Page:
Re: necessity of mental memes

From: Joe Dees (
Date: Tue Jan 29 2002 - 09:04:09 GMT

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    > "Grant Callaghan" <> Re: necessity of mental memesDate: Mon, 28 Jan 2002 07:16:57 -0800
    >> >Only when viewed from the outside-- that is, from the point of view of
    >> >space-- does it appear to be purely relative to space.
    >> >
    >>Nither is dependent upon the other; they are interrelationally correlative
    >>with neither being prior or posterior.
    >> >
    >> > The same is true of
    >> >the mind. It exists intrinsically and irreducibly but only when viewed
    >> >inside of it. Obviously, when you view something from outside itself,
    >> >no longer see its self-nature but only its relativity to other things.
    >> >is how physicists approach time (from the pov of space)
    >> >
    >>Nope; they label both spaceless time and timless space as cognitive
    >>misunderstandings from the pov of spatiotemporality.
    >> >
    >> >and how biologists
    >> >approach mind (from the pov of brain).
    >> >
    >>The brain is the amterial substrate for the emergent mind. Neither space
    >>nor time provides the substrate one for the other; 'they' are aspects of a
    >>single perceptual manifold, and we perceive that manifold, in which we
    >>perceive matter/energy, because that is a valid reflection of the way
    >>circumstances actually proceed according to the field equations.
    >> >
    >> >> When you travel faster, the temporal aspect slows (empirically verified
    >> >around-the-world-flying B-52's carrying atomic clocks, compared with
    >> >that weren't flown) and the spatial aspect shrinks (gets shorter) on the
    >> >axis of travel direction.
    >> >>>>
    >> >
    >> >Yet, no matter how fast you travel, you still perceive time-- from
    >> >the same way you always have. At no point does the person on the rocket
    >> >ship perceive a change in tempo. As far as the direct experience of time
    >> >concerned, nothing has changed. The rate of time's passage varies only
    >> >its external relation to space and the objects moving through it more
    >> >slowly.
    >> >
    >>That is because you are not distinguishing between the subjective
    >>experience and the objective passage. The objective passage of time is
    >>indeed relative to a frame of reference, and one resides in a referential
    >>frame moving at one's own velocity in either case. But, subjective,
    >>existential duration experience may vary. An evening in the arms of
    >>Catherine Zeta-Jones might seem to just speed by (time flies when you're
    >>having fun), but that same afternoon strapped to a hot eye on an electric
    >>oven would seem to last much longer.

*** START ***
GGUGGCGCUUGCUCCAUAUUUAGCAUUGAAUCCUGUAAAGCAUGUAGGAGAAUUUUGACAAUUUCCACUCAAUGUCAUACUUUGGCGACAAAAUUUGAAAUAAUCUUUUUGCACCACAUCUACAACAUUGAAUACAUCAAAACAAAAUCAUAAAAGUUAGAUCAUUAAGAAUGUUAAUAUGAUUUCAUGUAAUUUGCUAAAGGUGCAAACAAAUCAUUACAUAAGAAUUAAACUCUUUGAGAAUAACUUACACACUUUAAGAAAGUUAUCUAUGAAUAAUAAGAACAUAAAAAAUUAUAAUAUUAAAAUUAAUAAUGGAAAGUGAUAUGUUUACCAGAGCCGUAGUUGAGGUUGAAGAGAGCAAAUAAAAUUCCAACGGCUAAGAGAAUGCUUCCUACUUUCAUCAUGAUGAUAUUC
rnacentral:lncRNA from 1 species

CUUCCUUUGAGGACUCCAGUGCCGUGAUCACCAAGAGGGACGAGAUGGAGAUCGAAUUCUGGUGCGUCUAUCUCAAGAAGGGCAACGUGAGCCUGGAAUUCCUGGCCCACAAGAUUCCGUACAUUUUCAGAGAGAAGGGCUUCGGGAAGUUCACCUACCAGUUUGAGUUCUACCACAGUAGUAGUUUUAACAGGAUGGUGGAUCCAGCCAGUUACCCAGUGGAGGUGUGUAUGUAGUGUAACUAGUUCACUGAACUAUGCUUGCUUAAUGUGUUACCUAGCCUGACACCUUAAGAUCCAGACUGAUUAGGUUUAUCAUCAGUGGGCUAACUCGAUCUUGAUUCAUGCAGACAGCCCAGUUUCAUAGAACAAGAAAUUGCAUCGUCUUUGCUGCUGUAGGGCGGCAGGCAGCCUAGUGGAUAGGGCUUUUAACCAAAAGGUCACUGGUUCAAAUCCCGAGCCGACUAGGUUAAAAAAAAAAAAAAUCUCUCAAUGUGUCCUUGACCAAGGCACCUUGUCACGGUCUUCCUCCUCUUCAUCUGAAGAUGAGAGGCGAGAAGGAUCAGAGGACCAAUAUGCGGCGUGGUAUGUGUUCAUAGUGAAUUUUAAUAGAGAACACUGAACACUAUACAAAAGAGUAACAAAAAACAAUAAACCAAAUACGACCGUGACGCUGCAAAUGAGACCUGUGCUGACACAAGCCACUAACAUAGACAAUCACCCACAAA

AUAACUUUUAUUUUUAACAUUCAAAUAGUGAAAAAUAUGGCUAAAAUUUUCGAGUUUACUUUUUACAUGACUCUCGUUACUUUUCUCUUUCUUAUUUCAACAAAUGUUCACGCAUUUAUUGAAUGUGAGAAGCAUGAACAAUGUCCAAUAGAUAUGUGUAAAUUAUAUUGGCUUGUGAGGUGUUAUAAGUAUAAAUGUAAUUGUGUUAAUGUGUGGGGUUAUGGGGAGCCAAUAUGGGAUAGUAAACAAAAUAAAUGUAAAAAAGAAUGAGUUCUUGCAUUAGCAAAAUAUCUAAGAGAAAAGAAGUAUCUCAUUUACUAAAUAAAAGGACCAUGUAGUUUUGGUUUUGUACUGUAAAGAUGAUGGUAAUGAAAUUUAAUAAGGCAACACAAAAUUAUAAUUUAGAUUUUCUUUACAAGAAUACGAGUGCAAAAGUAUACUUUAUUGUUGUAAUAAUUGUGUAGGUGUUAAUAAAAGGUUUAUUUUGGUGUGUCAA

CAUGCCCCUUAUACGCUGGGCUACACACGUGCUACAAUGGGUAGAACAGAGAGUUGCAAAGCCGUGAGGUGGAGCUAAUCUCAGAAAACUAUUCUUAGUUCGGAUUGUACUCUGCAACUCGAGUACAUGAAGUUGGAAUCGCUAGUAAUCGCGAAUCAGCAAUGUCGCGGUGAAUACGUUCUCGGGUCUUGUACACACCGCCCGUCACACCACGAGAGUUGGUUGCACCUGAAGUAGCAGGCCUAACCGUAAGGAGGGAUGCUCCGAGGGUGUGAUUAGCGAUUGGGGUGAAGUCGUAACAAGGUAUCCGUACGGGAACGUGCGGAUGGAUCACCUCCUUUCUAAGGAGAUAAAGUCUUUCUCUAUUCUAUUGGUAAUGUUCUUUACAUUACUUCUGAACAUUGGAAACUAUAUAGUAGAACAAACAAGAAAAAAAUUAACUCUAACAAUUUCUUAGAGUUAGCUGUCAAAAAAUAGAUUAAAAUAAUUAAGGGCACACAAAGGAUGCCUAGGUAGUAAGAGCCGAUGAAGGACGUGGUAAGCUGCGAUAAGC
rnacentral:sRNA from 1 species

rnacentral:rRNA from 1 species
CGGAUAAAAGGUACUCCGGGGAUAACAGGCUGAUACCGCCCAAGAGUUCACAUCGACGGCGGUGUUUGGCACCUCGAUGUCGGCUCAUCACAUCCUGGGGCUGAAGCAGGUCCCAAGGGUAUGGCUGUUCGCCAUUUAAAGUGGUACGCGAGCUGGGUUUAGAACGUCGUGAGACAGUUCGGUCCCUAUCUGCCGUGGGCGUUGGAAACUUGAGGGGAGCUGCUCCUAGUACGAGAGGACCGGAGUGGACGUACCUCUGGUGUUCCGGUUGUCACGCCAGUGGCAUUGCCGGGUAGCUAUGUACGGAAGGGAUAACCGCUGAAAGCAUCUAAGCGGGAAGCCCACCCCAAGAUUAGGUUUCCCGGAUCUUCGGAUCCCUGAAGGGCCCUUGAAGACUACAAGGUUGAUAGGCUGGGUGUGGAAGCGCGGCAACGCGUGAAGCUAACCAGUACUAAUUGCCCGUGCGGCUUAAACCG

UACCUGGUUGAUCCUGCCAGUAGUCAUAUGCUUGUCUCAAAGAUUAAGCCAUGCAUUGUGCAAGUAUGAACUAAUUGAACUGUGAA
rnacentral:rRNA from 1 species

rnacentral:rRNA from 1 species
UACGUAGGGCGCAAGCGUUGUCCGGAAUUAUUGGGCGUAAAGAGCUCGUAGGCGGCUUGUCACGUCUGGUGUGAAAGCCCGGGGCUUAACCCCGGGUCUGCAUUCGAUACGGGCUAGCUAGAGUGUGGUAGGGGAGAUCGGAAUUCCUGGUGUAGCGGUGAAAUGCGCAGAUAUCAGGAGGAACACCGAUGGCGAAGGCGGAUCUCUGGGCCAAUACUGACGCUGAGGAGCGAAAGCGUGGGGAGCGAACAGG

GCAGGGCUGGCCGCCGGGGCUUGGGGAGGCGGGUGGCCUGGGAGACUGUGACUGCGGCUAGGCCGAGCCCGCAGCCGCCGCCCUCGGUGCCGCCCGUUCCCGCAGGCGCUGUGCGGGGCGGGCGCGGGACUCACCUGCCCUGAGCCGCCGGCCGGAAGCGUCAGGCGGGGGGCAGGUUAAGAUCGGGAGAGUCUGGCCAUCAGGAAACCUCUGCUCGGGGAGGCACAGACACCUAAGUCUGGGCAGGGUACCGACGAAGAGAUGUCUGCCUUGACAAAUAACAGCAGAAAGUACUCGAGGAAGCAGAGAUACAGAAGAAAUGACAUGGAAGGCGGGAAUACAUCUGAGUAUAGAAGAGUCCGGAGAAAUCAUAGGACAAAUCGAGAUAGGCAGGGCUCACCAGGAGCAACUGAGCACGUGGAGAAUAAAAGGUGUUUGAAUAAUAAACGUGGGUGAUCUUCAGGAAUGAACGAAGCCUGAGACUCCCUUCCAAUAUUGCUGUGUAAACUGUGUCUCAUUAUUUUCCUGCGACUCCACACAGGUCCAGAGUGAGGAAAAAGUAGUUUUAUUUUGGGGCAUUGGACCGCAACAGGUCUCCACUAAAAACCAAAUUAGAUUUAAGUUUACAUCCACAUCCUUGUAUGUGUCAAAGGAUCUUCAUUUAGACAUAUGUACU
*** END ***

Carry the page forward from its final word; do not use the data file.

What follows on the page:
>> >
    >> >Ted
    >> >
    >Maybe my perceptions here are wrong, but I thought time was a measurement of
    >change, not the change itself, just like length, width and height are
    >measurements of what it that is changing, not the thing itself. How we
    >experience time is a perception that has nothing to do with the measurement
    >but is a reaction to our experience. It's not just the brain that perceives
    >and reacts to our experience, it's the entire body -- a body that generates
    >chemical reactions of its own to create the perception of time speeding up
    >or slowing down.
    >But spacetime does nothing. It is a meme. A set of measurements comparing
    >the motion of one thing with the motion of something else, most often the
    >rotation of the earth around its axis and subdivisons thereof -- i.e. hours,
    >minutes, seconds, nanoseconds, hertz, megahertz, etc. All of these are
    >comparisons of the earth's motion with what we are measuring. The
    >measurement itself only exists as an abstraction in our minds. Light
    >doesn't care how fast it travels compared to how fast the earth rotates.
    >The feet and miles we compare it to are comparisons with some English king's
    >So when you say time does this or time does that, you're confusing
    >subjective reality, which we create inside our heads, with the objects we
    >are thinking about. Galaxies, stars, light waves, etc., have nothing to do
    >with the earth's rotation or the king's feet. Or even the rods we created
    >to define a meter because it was "more precise" and fit more easily into our
    >base ten counting system.
    >This personification of time based on our experience leads to such nonsense
    >as "going back in time," as if yesterday were a place and tomorrow something
    >more than just a prediction. If you could jump to where the earth, which is
    >traveling around the sun, which is traveling around a galaxy, which is
    >traveling with a group of galaxies toward some unknown destination, will be
    >after one more rotations of the planet, it won't be there. You would find
    >yourself standing in airless space. It would be the same if you jumpped
    >backwards to where earth was yesterday. You wouldn't find it. Time is a
    >function of how we perceive the universe, not the universe itself.
    >Anyway, there's two cents worth of my perspective on the subject. I doubt
    >it will cause Mr. Hawking to start changing his book. ;-)>
    >Velocity, or speed, is the distance divided by the duration. Velocity exists. It involves the rate of positional change in the spatiotemporal manifold. I would rather someone throw a bullet at me than shoot it.
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    This was distributed via the memetics list associated with the
    Journal of Memetics - Evolutionary Models of Information Transmission
    For information about the journal and the list (e.g. unsubscribing)

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